By louiseodriscoll, Oct 27 2014 09:00AM

The first 'change one thing' blog post suggested bringing more mindfulness to the process of eating. This week's is an extension of mindfulness when it comes to food and it focuses on the quality of what we eat.

Much is known about the benefits of a Mediterranean diet - the fact that these Europeans regularly enjoy such foods as cheese, bread, wine and chocolate yet stay slim and much less affected by heart disease and diabetes than other Western populations seems to contradict everything we have been told for years about how bad they are for us. Many aspects of the diet have been analysed to identify precisely what it is that brings such a result. The abundance of vegetables, of fish, olive oil and possibly the red wine...these no doubt play a large role. Another key part, for me, is the way people in more Southern areas of Europe always sit down together for meals, it is a ritualistic, celebratory custom to stop and take time to eat together, to relax and chat and appreciate good food, which is treated with great respect. All this is beneficial to levels of pleasure, satiety, efficient digestion and metabolism, as discussed in my previous 'change one thing' post on mindfulness. There is also another piece of the jigsaw though - quality. The food eaten in the Meditteranean is usually locally produced, in season and very fresh. Meals are made from scratch with delicious ingredients and care. And this is where we can look to make healthy changes in our way of eating.

This week, bring your attention to the quality of the food you eat, with the goal of always trying to choose the best you can get or afford. Is the fruit and veg you buy in season? How far has it travelled? What kind of life did the animal whose meat you are eating have? How processed is the food? Is it possible to choose an organic version? What ingredients are in it, are there preservatives and flavourings that you don't recognise as 'real' things you might have in your kitchen? How was the cake you eat made, in a factory, or with natural ingredients by hand? Even amongst the most 'unhealthy' foods there will be different levels of quality to choose from. If food budget is a concern, maybe rather than eating average quality meat or fish 4 times a week, make it twice with the best available and have two great vegetarian meals instead?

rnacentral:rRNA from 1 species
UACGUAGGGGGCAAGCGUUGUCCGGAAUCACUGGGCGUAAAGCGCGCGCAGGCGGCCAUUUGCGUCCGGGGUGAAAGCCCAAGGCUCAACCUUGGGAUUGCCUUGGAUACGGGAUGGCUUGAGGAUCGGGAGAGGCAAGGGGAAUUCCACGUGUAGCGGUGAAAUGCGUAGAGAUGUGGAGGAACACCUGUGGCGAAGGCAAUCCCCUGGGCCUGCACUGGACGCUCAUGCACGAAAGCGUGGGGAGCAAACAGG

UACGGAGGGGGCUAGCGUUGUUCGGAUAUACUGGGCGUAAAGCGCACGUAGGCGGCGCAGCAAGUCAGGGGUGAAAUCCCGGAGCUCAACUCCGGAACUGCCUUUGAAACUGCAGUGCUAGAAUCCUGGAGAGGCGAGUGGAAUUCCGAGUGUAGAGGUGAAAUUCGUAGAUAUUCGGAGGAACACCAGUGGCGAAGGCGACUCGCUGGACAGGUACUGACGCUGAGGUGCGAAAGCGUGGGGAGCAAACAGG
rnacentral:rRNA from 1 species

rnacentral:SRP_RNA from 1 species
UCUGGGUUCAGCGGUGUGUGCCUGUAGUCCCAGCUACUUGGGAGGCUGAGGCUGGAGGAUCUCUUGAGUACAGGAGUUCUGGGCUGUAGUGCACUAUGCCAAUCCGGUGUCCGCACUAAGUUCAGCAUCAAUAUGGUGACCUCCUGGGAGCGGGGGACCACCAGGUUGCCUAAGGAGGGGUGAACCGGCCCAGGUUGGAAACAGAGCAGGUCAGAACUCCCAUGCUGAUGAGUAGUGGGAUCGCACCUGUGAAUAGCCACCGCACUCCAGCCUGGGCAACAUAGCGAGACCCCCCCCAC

When we choose the best quality food we can, we gain multiple benefits. The obvious one, the food selected is likely to be the most nutrient dense version, so more benefits for your health. Also, it will probably taste better, so you gain more pleasure and satisfaction, typically resulting in less of an urge to overeat or to eat again soon afterwards. Finally, there is a huge psychological benefit; by selecting the best quality food you can, you are physically demonstrating your respect and care for yourself. An act that, repeated over time, can help convince your brain of how valuable your body (and soul) is, should it need it. This is a much healthier way of treating your body than depriving it of certain foods on the basis of calories, carbs or fat content, or punishing it with poor imitations of real food, such as low-fat or sugar free versions. It is an approach that, in conjunction with mindful eating, has a much better long term chance of being sustained so that our bodies can find their healthy, happy weight and state of wellbeing.

So this week, try and bring more awareness to the idea of quality when buying and cooking food. Try making one meal that you regularly prepare, but using the very best quality ingredients possible. Eat it mindfully, like the meal last week, without distractions and see what, if any difference it makes to your taste, enjoyment and satiety.